Does anyone remember when one had to have a grip of steel to open a Contender? They were later produced to be easier to open but all the ones I was around were tough to open.
Accessory barrels, yippee. I always enjoyed the notion of more guns rather than consolidating things into a frame and barrels.
I really don't see the attraction in the Contender but I'm missing something for they've sold like hot cakes for years and there's a mature collector's market out there for the myriad barrel chamberings/configurations.
Remington XP 100 (and similar bolt action "pistols") I got to shoot a scoped XP 100 on an occasion at the gun club range and felt it shared all the same attributes of the Contender but in spades. Wasn't it built on the Remington 600 rifle action? The same gun club member who had the XP 100 later rebarreled it from its original .221 Fireball chambering to a .243 Winchester. I shot it that way too. This conversion did nothing for the contraption in my view.
It was heavy, awkward and felt exactly like a bolt action rifle missing a certain integral bit. I've not kept up but haven't these and most other manufacturers' similar creations (the Weatherby bolt action pistol comes to mind) been discontinued for some years now.
Seems nonsensical to me. It wouldn't even be fun to store. It wouldn't really fit in with the handguns and won't go on the rifle rack either. I guess it could hang in the closet with the compound bow.
Revolving Rifles Whether percussion or cartridge, this is just wrong. It would be a nuisance to have to be stuck with only a revolving long arm of any sort. Minding the barrel/cylinder gap with eyes and body parts would rapidly become irksome and, with a percussion model, a chain fire could be disastrous, leaving one maimed. Colt originally had a full line of these prior to the Civil War, including shotgun configurations. All were percussion. These modern cartridge renditions apparently aren't even historically accurate. I have never shot one. While I'd certainly take the opportunity if given it, I don't feel I've missed anything.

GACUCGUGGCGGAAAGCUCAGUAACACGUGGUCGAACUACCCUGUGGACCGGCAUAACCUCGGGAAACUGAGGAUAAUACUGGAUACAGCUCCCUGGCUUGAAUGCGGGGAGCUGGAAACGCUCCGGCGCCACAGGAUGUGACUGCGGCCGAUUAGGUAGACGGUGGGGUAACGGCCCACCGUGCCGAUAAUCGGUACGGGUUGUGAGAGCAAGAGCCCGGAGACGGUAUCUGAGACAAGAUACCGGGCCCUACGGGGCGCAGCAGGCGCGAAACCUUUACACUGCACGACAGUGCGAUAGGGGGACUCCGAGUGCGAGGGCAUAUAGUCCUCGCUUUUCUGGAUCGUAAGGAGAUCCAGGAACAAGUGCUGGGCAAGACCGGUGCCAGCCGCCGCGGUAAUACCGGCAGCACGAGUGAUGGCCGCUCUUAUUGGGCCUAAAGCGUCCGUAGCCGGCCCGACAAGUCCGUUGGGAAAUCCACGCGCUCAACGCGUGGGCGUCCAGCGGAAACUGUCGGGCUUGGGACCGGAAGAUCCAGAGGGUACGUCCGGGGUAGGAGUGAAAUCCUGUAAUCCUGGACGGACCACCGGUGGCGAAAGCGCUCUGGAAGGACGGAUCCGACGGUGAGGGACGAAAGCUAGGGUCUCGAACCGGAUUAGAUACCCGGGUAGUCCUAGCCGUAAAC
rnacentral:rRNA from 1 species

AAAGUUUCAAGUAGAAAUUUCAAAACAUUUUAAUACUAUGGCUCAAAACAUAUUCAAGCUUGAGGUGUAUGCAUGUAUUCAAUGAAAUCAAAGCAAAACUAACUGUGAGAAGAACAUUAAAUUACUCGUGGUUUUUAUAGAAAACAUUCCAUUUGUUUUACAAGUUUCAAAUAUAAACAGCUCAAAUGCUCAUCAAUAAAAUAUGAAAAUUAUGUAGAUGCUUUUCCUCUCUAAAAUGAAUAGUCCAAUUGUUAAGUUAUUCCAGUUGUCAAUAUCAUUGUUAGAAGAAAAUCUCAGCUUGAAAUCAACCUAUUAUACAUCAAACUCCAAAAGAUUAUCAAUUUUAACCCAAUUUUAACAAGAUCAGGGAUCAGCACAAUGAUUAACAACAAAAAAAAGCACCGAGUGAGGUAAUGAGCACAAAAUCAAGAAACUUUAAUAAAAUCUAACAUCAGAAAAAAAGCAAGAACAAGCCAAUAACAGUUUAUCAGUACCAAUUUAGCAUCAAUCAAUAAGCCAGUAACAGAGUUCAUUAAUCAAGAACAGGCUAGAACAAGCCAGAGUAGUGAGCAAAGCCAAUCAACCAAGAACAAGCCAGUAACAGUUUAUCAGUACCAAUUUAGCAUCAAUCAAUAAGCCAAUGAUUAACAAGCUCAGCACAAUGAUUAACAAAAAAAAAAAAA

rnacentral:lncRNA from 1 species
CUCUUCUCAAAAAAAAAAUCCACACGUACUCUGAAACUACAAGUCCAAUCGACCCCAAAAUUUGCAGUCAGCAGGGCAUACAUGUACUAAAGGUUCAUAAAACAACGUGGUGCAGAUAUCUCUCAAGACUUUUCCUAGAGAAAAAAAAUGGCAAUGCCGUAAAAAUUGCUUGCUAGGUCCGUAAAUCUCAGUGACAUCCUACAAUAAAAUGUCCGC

That street-sweeper shotgun is another that fits this category.
"Watch-fob" .22 revolvers. Freedom and NAA have sold a lot of these. They make a great novelty item and can be entertaining on a pleasant afternoon's plinking session out in the country. It's great fun to speculate about their capabilities if that was all one possessed for self defense (short answer: one could be said to be wanting in defensive capabilities). Sure they can't be beat for concealment as one can practically hide one between the cheek and gum but is there really a crying need for a "tear duct" gun?
Realistically they are a bit annoying to hold, aim, shoot, and reload. For me the initial fun of shooting one would wear off pretty rapidly. Then there's the very real possibility of losing it in the clutter of the reloading bench. It might get swept up with the spent primers or something.